Battle of the Atlantic: Liverpool marks 70th anniversary
Liverpool is marking the 70th anniversary of The Battle of the Atlantic - the longest continuous military campaign in World War II.
Twenty-five warships have sailed into port to mark the milestone.
Liverpool was the destination of many wartime Atlantic convoys and home of the Western Approaches Command.
Ten of thousands of lives were lost during the battle, which fought for control of vital supply routes, beginning as war broke out in 1939.
The climax of the battle was in May 1943, when Germany's submarine fleet suffered heavy losses in the Atlantic.
Skirmishes in the Atlantic continued until the war ended in 1945, but the Allies sank particularly large numbers of U-boats in May 1943, effectively winning the Battle of the Atlantic.
Its anniversary is being commemorated with a series of events over the bank holiday weekend.
Merchant Navy veterans staged a procession from the Cunard Building at 11:30 BST to the Merchant Navy memorial at the Pier Head for a wreath laying.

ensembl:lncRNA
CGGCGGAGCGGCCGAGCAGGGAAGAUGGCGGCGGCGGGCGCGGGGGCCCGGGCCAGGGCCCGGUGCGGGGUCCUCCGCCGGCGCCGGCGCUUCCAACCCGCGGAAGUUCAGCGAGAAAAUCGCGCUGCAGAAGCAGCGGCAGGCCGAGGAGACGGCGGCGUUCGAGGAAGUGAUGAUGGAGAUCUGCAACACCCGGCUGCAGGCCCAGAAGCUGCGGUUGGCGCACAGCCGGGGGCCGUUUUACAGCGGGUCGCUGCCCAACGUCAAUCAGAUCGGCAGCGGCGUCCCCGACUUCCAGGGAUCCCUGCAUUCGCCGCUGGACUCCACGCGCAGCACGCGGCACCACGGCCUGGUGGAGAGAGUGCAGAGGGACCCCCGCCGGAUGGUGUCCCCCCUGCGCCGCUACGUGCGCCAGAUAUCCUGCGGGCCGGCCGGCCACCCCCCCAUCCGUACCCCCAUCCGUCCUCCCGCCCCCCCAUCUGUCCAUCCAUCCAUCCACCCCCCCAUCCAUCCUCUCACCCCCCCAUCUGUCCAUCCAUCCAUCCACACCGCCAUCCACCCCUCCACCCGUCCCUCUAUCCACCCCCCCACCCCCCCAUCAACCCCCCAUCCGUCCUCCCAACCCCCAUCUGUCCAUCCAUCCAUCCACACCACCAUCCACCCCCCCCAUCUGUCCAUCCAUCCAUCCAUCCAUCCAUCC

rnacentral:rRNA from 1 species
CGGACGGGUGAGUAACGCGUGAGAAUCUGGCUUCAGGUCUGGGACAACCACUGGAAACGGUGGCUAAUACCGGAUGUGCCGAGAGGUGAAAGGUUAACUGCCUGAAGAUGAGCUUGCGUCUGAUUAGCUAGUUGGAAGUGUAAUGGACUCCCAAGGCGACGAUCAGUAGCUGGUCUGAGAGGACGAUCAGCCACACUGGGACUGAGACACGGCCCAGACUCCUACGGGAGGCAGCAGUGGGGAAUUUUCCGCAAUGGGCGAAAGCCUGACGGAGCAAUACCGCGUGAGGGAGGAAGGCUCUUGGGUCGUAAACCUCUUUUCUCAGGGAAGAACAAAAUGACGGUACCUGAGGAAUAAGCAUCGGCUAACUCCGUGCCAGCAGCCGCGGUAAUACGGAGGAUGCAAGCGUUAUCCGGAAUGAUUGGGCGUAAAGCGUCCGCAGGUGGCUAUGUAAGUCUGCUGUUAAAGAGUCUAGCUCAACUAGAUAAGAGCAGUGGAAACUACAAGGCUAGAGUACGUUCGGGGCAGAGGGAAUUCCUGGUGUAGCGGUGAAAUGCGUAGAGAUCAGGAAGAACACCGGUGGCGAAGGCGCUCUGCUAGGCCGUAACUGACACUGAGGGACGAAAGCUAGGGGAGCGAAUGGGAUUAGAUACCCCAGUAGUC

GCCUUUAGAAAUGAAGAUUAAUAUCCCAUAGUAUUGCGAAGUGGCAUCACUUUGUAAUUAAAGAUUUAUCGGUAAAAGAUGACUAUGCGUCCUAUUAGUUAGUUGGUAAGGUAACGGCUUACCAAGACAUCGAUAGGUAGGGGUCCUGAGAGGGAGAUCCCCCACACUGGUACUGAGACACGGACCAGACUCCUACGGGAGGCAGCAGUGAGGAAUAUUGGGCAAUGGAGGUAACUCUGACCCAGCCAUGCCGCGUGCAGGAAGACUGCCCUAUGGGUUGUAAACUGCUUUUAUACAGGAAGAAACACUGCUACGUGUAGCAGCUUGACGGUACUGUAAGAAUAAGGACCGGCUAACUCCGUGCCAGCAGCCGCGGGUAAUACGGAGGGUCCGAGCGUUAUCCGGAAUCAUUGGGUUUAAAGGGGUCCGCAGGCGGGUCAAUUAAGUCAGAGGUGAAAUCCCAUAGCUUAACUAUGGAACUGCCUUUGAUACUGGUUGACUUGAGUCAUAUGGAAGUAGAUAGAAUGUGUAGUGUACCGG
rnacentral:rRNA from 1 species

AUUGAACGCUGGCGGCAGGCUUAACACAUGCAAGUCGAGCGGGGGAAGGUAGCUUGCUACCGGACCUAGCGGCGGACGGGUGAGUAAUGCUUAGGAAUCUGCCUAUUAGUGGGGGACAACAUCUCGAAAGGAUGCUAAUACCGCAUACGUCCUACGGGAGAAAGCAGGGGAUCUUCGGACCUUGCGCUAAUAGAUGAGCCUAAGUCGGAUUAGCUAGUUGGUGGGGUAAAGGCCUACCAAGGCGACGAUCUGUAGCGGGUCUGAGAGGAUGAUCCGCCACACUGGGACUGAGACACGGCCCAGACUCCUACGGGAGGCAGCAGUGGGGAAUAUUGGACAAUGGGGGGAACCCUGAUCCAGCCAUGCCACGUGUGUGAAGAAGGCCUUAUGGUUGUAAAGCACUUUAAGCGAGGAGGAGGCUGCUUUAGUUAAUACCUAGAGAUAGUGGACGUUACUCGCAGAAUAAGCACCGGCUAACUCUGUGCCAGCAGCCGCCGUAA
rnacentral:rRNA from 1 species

A Spitfire and Hurricane flew over the waterfront in a Battle of Britain memorial flight with a concert from the Royal Marines band at the Philharmonic Hall.
Other events include a special service at Liverpool Anglican Cathedral on Sunday.
It will be followed by a march to commemorate those who lost their lives.
Ships from the Royal Navy and around the world - some of which will be open to the public - are converging on the city for the commemorations.
The Cammell Laird shipyard in Birkenhead, which was vital to the battle as its 12,000 staff worked around the clock to build a warship every 21 days, will also open its doors for the first time in 20 years.
Liverpool hosted the 60th anniversary events, during which nearly 2,000 guests, including hundreds of veterans and former merchant seamen, attended a memorial service at the cathedral.
The milestone was also marked in London and Londonderry earlier in May.